The International Council of the War Resisters' International (WRI), meeting in Broederschapshuis (The Brotherhood House), Bilthoven, Netherlands in July 1938, during the Spanish Civil War. Ponsonby is pictured standing far right in the photograph. Click on the image for further details of people in the photograph.

In 1930, Ponsonby was raised to the peerage as a hereditary baron, taking the title Lord Ponsonby of Shulbrede from his home at Shulbrede Priory in Sussex. He served as leader of the Labour Party in the House of Lords from 1931 until 1935, resigning because he was opposed to the party's support for sanctions against Italy for its invasion of Abyssinia.

In 1927–1928, Ponsonby ran a significant Peace Letter campaign against British preparations for a new war, and from 1936 he was an active member of the Peace Pledge Union, contributing regularly to Peace News.

Ponsonby opposed the initiative of Lord Charnwood and Cosmo Gordon Lang, Archbishop of Canterbury, to ask his Majesty's Government to react against the genocidal Holodomor policies of the Soviet Government.[4][5]

From 1935 to 1937, he was Chair of the International Council of the War Resisters' International.


In May 1940, Ponsonby resigned from the Labour Party, opposing its decision to join the new coalition government of Winston Churchill.

He wrote a biography of his father which won the James Tait Black Memorial Prize in 1942: Henry Ponsonby, Queen Victoria's Private Secretary: His Life and Letters.


Ponsonby died on 23 March 1946 and was succeeded by his son Matthew Henry Hubert Ponsonby.

Personal life and family

On 12 April 1898, he married Dorothea Parry, daughter of Hubert Parry and Elizabeth Maude Herbert (1851–1933), a daughter of Sidney Herbert, 1st Baron Herbert of Lea. They had a daughter, Elizabeth (1900–1940), who during the 1920s became well known as a leading figure of the Bright Young People,[6] and a son, Matthew (1904–1976), who became the 2nd Baron.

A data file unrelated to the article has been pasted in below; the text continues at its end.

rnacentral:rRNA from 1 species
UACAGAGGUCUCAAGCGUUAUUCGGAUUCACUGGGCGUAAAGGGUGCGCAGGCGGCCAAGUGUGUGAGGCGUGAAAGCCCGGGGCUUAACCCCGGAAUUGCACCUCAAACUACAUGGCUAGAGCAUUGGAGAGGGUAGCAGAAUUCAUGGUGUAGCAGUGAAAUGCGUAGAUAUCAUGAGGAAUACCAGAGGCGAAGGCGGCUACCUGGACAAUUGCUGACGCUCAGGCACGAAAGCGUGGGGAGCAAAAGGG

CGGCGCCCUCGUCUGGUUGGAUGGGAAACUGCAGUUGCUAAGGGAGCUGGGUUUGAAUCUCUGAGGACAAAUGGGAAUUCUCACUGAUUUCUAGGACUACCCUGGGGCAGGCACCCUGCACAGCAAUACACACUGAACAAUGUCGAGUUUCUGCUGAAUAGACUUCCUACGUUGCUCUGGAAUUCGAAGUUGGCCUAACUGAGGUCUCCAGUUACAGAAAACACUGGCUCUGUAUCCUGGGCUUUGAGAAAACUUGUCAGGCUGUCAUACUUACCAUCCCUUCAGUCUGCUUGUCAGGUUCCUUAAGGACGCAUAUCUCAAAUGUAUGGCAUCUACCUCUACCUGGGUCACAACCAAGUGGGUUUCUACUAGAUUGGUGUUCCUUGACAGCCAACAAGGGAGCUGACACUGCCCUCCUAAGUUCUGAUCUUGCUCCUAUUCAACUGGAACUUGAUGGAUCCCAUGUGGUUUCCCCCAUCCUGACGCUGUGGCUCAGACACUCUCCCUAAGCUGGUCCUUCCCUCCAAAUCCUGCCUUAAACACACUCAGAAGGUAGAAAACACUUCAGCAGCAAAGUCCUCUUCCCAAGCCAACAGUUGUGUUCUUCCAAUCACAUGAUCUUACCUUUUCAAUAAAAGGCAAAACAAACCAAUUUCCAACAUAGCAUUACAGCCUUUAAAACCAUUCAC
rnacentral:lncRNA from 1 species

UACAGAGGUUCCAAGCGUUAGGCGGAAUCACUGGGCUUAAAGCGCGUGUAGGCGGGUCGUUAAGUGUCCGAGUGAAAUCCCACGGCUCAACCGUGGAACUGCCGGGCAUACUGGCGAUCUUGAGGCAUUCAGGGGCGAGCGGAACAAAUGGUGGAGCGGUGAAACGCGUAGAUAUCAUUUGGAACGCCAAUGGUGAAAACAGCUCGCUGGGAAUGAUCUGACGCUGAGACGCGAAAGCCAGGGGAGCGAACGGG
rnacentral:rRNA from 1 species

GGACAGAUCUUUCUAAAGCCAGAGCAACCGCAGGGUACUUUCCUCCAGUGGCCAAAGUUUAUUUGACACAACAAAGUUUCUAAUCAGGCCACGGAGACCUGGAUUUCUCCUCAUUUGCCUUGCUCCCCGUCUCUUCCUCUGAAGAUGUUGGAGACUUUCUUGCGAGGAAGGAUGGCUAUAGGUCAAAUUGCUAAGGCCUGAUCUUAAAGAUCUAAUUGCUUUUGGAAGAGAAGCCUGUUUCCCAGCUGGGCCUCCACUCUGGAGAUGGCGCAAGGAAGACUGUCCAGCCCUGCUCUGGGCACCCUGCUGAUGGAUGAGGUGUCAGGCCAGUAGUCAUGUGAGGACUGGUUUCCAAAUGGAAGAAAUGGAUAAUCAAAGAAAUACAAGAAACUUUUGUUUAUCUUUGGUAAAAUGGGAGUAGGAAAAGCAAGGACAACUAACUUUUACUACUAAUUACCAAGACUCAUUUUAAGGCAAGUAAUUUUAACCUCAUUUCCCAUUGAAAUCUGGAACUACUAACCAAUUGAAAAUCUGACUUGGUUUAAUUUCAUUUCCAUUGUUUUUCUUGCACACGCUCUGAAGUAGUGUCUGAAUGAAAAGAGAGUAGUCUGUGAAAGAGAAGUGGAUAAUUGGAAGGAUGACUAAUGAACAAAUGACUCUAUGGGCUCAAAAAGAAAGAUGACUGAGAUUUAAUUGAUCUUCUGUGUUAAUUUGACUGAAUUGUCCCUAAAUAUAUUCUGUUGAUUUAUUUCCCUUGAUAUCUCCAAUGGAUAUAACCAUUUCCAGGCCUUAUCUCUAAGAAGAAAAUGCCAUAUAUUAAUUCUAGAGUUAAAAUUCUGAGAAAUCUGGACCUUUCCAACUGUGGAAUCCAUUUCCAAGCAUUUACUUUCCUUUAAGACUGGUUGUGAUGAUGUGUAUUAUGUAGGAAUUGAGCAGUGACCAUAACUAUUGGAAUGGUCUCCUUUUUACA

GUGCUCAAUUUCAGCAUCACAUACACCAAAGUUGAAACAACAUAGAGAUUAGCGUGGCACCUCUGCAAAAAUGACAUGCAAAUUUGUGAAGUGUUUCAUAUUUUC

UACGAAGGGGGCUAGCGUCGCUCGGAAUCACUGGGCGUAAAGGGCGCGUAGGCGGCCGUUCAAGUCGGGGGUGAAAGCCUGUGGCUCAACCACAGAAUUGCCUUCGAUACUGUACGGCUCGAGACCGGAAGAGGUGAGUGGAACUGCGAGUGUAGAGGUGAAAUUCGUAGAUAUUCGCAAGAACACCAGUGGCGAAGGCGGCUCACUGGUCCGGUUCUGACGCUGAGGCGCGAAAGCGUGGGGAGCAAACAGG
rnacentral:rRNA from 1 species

Coat of arms of Arthur Ponsonby, 1st Baron Ponsonby of Shulbrede
Out of a ducal coronet Azure three arrows, point downwards, one in pale and two in saltire, entwined at the intersection by a snake proper.
Gules a chevron between three combs Argent
Pro Rege Lege Grege (For The King, The Law, And The People)[7]


See also


  1. ^ Hiram Johnson in U. S. Senate, 1918, quoted in The Quote Verifier: Who Said What, Where, and When, by Ralph Keyes, Macmillan, p. 228, 2006, ISBN 0-312-34004-4
  2. ^ "LORDS AMENDMENT (HL Deb vol 85 cc697-707)". Parliamentary Debates (Hansard). 7 July 1932.
  3. ^ a b Craig, F. W. S. (1983) [1969]. British parliamentary election results 1918–1949 (3rd ed.). Chichester: Parliamentary Research Services. ISBN 0-900178-06-X.
  4. ^ In the Parliament, in The Times dated 26 July 1934
  5. ^ "Russia, vol 93 cc1097-117". Parliamentary Debates (Hansard). Hansard 1803–2005 Lords Sitting. 25 July 1934. Retrieved 9 January 2013.
  6. ^ D. J. Taylor, Bright Young People: The Lost Generation of London's Jazz Age (2007).
  7. ^ Debrett's Peerage & Baronetage. 2000.
  8. ^ Forman, Henry James (20 January 1929). "That Immortal Plodder, Mr. Samuel Pepys; Arthur Ponsonby Writes an Excellent Short Biography of the Great Diarist". The New York Times.